Russian king crab was seized after allegations of illegal import. (Photo: Stock File/FIS)
Seafood processor forfeits USD 2.1 mln to govt
Thursday, April 26, 2012, 03:30 (GMT + 9)
The US Department of Justice and a seafood processor have entered into a consent judgment in a civil forfeiture action involving the seizure of 112 tonnes of Russian king crab the US Government believes were imported illegally.
The crab was sold in July 2011 for about USD 2.5 million. The US Government will forfeit and keep approximately USD 2.1 million of the proceeds and New York-based Harbor Seafood, Inc will receive USD 300,000 of the proceeds.
Further, the consent judgment will require Harbor Seafood to undertake a compliance review and offer its employees training about the laws that govern the import of seafood.
“International trade involving illegal seafood products is a widespread problem that threatens the integrity of our food supply and undermines efforts to protect valuable natural resources,” said US Attorney Jenny A Durkan. “The financial loss to the importer in this case should put all seafood importers on notice that they need to ensure that the products they import are legally harvested and imported.”
The consent judgment filed in US District Court in Seattle indicates that the crab was seized after Harbor Seafood attempted to import it through the Port of Seattle in eight shipments during December 2010 and January 2011. The government alleges that Harbor Seafood imported the crab illegally because the crab was harvested from Russian waters in violation of Russian quotas, was not marked in accordance with regulations implemented by the National Oceanic and Atmospheric Administration (NOAA) pursuant to the Lacey Act and lacked information required by the reporting regulations implemented by the Food and Drug Administration (FDA).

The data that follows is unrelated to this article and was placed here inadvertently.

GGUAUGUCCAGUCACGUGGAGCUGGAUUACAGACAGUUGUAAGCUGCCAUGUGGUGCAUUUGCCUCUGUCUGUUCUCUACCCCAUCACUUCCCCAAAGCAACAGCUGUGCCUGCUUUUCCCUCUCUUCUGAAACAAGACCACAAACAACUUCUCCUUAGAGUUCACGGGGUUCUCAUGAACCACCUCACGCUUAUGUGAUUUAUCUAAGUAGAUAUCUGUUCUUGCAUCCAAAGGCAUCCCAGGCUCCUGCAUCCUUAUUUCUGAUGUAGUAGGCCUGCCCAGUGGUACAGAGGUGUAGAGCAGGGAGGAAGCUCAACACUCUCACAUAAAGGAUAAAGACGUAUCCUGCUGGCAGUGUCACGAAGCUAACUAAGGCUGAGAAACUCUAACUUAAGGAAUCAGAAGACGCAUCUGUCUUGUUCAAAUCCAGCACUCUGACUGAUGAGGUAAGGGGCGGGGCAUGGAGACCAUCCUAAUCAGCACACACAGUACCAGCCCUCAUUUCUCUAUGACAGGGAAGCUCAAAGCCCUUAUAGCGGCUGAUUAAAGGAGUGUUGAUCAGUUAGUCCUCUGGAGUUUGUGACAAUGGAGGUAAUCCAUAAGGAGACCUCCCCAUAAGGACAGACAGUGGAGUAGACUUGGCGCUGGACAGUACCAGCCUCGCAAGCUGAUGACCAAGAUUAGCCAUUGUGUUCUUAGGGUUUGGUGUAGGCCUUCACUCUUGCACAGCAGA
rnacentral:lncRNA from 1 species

The importation of seafood products that are harvested in violation of foreign law is illegal under the Lacey Act.
Under the settlement, Harbor Seafood does not admit wrongdoing but has agreed to undertake a compliance review and provide remedial training to its employees. The firm handles 40-50 million lb of seafood annually and is reportedly the 20th largest seafood company in the US.
“Illegal, unreported and unregulated fishing is a global challenge, and this case is an example of international cooperation producing tangible results,” said Vicki Nomura, special agent in charge of NOAA's Office of Law Enforcement's Northwest Division. “This kind of illegal activity threatens the long-term sustainability of the Russian crab population and undermines conservation efforts.”
By Natalia Real